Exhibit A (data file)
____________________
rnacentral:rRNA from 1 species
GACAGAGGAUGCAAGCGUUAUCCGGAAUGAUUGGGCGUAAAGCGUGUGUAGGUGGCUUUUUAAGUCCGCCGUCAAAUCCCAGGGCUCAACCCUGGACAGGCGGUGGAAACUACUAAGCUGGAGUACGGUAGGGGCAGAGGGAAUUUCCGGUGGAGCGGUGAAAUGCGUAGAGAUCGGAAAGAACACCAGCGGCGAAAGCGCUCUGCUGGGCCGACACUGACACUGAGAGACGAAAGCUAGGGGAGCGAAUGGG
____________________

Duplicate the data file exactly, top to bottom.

rnacentral:rRNA from 1 species
GACAGAGGAUGCAAGCGUUAUCCGGAAUGAUUGGGCGUAAAGCGUGUGUAGGUGGCUUUUUAAGUCCGCCGUCAAAUCCCAGGGCUCAACCCUGGACAGGCGGUGGAAACUACUAAGCUGGAGUACGGUAGGGGCAGAGGGAAUUUCCGGUGGAGCGGUGAAAUGCGUAGAGAUCGGAAAGAACACCAGCGGCGAAAGCGCUCUGCUGGGCCGACACUGACACUGAGAGACGAAAGCUAGGGGAGCGAAUGGG